Tuesday, January 17, 2017

Teaser Tuesday - The Gift of Rain by Tan Twan Eng

Happy Tuesday everyone! How's the year starting out for you? I'm slowly getting into the "moving" gear, since my uni-related stuff will be winding down and I'll be moving to a different prefecture next month. I've still got some time, but the thought of packing (especially all my books! I think I've double - maybe tripled - the number I own since I arrived) fills me with fear.

I finished The Bear and the Nightingale yesterday, and it was fantastic. Right now, I've just started The Gift of Rain, which is also very highly acclaimed (or at least so I've heard). I'm just hoping that the high from The Bear and the Nightingale doesn't influence how I feel about The Gift of Rain.

My teaser:
"On the day I was born, my father planted a casuarina tree. 
It was a tradition begun by his grandfather."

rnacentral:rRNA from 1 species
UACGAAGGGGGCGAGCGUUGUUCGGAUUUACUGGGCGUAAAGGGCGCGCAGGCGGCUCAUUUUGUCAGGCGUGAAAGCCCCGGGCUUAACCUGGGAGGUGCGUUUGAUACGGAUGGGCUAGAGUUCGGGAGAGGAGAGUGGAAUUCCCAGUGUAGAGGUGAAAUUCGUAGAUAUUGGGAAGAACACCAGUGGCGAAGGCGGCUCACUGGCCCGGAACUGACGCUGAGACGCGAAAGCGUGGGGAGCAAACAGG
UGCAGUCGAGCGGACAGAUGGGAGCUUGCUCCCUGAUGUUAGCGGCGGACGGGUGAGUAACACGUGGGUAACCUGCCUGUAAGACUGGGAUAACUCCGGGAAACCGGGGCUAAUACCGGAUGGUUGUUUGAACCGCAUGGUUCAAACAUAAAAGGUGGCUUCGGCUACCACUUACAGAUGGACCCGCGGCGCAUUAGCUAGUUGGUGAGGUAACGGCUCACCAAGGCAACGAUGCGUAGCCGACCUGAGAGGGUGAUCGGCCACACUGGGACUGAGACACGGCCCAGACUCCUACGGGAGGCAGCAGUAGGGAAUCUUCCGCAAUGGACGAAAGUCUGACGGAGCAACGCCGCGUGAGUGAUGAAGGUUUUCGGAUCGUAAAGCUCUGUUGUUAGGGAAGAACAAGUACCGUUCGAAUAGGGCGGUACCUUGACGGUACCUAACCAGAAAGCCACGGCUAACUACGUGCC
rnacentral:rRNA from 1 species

What about you? What are you reading?

How to participate in Teaser Tuesday: 
•Grab your current read 
• Open to a random page 
• Share two (2) “teaser” sentences from somewhere on that page 
• BE CAREFUL NOT TO INCLUDE SPOILERS! (make sure that what you share doesn’t give too much away! You don’t want to ruin the book for others!) 
• Share the title & author, too, so that other TT participants can add the book to their TBR Lists if they like your teasers! Everyone loves Teaser Tuesday.

Monday, January 16, 2017

The Achievement Habit by Bernard Roth

Finally finished reading this book! I thought it was pretty good so I took lots of notes - which I've shared here. The book is based on Design Thinking and the principles are (according to the guy who's one of the founders): empathise, define the problem, generate a possible solution, prototype, test and get feedback. And the order is flexible.